Even though we made sure to provide precise information about when exactly the Vietnamese Embassy Canteen is open to the public – Fridays at lunch – along with succulent photos on Instagram, we got at least six people asking the wheres and what. We’ll say it again, because although we’d love to keep this spot a secret, it’s a little too good not to share: Fridays 12:30-2:30 pm. Go through a blue door in the alleyway right next to the Embassy, and your weekend is off to a great start.
We’ll say it again, because although we’d love to keep this spot a secret, it’s a little too good not to share: Fridays 12:30-2:30 pm.
This is a canteen, not a restaurant, so if you’ve come to lounge and expect professional service, you’ll need to recalibrate expectations. On the Friday we visit, most diners look like regulars: the couple on the table next to us don’t even bother with a menu, essentially a little paper print-out listing half a dozen items. Groups of men, who look like Vietnamese diplomats, seem to be on lunch break. First timers like us are taken in by the Tin Tin in Vietnam posters that line a wall, and likely to announce the very reasonable prices out loud. Shh.
It’s bustling at 1pm; shockingly, more people have their faces in pho bowls than on their phones. We have to wave frantically to get a waiter’s attention. Orders happen dim sum style, by filling out a little sheet. If you’re vegetarian, you may do better going up to the desk and clarifying your non-meat diet with the patriarch of the restaurant, who seems to earn most of his power by being the best English speaker of the staff. ‘You’ll still get fish sauce,” he warns. Vegetarians, we suggest you cheat, just this once.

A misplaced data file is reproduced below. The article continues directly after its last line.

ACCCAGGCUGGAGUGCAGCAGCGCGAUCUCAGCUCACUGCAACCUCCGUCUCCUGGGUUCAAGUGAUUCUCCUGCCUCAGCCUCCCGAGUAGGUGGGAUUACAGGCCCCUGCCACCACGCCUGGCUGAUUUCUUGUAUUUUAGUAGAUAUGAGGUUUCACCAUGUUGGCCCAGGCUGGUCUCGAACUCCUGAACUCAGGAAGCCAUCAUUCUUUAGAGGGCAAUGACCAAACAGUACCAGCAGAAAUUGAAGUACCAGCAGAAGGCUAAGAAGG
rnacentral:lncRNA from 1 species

And then our meal arrives, beginning with Nem Cuon or fresh noodle salad rolls. Essentially gardens in a rice wrap, eating these chunky rolls make us feel like rabbits in heaven. A light, vinegary peanut sauce provides a perfectly tangy flavour. This an excellent appetiser before the pho - the canteen’s raison d'etre – comes out. Meanwhile, people distract themselves with fried rice, bun cha, and spring rolls.
Everyone loves pho, partly because the dish lends itself to deep customisation. We’re pretty sure no two bowls, even on our table, taste the same. Some people douse their teary broth with oodles of lime, others unload excesses of chili sauce into their mix; few leave the soup in its pure form, taking time to discern the depth of flavour, the wave of star anise that hits you only when you are concentrating.
Essentially gardens in a rice wrap, eating these chunky rolls make us feel like rabbits in heaven.
Today we are distracted by our new find, and unable to properly gauge the nuances of flavour; but we know that the pho is just damn good. Our phobulous friends tell us this is the most authentic pho in Delhi. Copious amounts of birds eye chill, three limes, and a smattering of table chili sauce is what goes in to our mix. Next time, we’ll add more punch from cinnamon, cloves, and the pure, full spices that we are aware, will Indianise the dish.
Ritualistically, we like bringing scallions and coriander to the top, to run them in to some bubbles of the broth and take big bites, twirling noodles carelessly around the fork. We like making a mess of the bowl, clouding our faces in the steam, and walking around to get an extra napkin because we’ve gotten soup everywhere, all over our cable knit sweater.
But this lunch, dear reader, is well worth the dry cleaning bill.
Getting there: The Vietnam Embassy, 17 Kautilya Marg, Chanakya Puri, Malcha; open only Fridays from 12:30 pm to 2:30 pm; Rs. 750 for two, no drinks.
bpb reviews anonymously and pays for its own meals.
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